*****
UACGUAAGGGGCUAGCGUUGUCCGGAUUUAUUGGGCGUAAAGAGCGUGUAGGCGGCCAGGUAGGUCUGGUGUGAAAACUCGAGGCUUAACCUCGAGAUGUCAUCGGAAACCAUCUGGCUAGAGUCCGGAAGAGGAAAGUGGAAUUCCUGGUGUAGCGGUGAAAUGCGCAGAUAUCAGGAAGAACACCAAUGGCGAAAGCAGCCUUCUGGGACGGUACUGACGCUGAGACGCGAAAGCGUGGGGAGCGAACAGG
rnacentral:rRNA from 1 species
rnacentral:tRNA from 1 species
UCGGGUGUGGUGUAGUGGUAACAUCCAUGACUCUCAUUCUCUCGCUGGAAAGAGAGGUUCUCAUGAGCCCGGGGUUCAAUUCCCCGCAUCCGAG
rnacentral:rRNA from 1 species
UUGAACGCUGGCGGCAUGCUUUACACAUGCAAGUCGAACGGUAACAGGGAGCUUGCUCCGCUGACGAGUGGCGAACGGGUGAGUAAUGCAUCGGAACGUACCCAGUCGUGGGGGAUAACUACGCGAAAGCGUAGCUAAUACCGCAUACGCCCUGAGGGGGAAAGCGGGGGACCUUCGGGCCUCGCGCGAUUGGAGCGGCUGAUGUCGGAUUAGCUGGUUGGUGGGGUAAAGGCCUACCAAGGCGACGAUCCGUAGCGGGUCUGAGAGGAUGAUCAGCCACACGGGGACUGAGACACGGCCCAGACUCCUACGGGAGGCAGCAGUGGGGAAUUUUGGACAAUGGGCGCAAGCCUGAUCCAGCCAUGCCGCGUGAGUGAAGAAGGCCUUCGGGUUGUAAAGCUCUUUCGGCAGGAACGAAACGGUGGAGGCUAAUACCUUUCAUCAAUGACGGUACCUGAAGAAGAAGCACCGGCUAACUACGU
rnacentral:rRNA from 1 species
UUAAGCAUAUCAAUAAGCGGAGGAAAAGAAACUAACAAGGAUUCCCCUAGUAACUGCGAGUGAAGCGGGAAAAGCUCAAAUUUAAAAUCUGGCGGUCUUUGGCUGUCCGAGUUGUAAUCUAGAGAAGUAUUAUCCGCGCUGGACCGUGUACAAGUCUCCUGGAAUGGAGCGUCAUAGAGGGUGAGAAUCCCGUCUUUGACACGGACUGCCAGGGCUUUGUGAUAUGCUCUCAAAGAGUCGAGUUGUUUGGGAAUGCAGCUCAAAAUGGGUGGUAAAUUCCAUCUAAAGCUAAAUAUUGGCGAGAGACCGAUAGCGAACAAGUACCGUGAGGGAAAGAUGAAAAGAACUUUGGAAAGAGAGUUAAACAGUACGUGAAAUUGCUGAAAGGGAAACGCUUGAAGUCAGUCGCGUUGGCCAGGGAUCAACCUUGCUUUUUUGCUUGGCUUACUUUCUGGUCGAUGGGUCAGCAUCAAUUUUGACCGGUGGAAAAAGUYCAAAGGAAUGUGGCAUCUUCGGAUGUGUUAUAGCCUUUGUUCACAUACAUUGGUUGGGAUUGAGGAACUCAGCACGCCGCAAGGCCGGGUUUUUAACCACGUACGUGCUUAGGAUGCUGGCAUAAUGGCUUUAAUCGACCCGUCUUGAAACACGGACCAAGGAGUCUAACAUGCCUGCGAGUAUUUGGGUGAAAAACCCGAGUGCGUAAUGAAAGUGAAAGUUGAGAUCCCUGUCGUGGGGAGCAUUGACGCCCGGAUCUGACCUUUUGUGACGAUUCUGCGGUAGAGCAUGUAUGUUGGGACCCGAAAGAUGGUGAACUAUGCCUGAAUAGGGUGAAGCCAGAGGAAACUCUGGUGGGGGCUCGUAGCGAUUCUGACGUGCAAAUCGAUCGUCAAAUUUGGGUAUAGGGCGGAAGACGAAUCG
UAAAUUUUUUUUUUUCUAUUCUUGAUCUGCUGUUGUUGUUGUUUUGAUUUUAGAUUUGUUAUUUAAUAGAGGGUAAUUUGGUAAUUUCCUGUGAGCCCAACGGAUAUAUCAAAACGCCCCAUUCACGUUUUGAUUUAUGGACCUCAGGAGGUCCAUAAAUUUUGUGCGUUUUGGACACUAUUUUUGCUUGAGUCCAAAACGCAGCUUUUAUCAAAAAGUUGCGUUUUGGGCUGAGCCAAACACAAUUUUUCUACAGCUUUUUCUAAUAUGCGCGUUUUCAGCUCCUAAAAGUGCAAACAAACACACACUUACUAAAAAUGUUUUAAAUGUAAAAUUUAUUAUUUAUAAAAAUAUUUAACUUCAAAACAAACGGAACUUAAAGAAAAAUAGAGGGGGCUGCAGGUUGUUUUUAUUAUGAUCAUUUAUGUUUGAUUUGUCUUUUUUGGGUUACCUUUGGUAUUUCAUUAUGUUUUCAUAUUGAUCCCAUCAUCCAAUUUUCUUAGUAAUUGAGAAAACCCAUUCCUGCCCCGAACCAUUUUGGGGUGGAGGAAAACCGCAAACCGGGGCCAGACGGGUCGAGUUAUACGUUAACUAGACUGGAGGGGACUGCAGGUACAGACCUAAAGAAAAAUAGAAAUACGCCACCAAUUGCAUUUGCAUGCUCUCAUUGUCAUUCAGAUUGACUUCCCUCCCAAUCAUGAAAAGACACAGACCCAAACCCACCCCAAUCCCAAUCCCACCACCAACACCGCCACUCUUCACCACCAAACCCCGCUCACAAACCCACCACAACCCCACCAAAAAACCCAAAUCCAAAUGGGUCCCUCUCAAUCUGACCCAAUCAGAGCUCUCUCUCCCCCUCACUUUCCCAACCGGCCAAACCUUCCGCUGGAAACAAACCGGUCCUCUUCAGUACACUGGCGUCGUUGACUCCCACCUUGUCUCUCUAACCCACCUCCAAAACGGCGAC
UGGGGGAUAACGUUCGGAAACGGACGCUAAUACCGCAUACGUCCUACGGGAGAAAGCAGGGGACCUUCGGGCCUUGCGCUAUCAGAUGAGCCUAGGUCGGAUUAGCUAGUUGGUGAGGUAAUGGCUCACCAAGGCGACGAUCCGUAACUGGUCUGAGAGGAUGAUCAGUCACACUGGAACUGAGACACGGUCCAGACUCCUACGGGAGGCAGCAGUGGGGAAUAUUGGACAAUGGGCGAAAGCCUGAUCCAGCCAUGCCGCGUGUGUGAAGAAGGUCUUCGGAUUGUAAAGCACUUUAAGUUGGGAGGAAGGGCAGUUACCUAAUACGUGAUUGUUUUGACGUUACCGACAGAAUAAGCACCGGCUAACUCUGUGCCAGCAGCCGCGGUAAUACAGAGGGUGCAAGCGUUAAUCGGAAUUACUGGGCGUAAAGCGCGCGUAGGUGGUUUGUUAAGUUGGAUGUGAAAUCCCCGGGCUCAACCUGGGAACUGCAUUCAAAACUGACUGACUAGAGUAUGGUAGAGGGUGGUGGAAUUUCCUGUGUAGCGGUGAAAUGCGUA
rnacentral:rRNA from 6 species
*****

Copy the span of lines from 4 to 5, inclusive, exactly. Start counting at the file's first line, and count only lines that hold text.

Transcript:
UCGGGUGUGGUGUAGUGGUAACAUCCAUGACUCUCAUUCUCUCGCUGGAAAGAGAGGUUCUCAUGAGCCCGGGGUUCAAUUCCCCGCAUCCGAG
rnacentral:rRNA from 1 species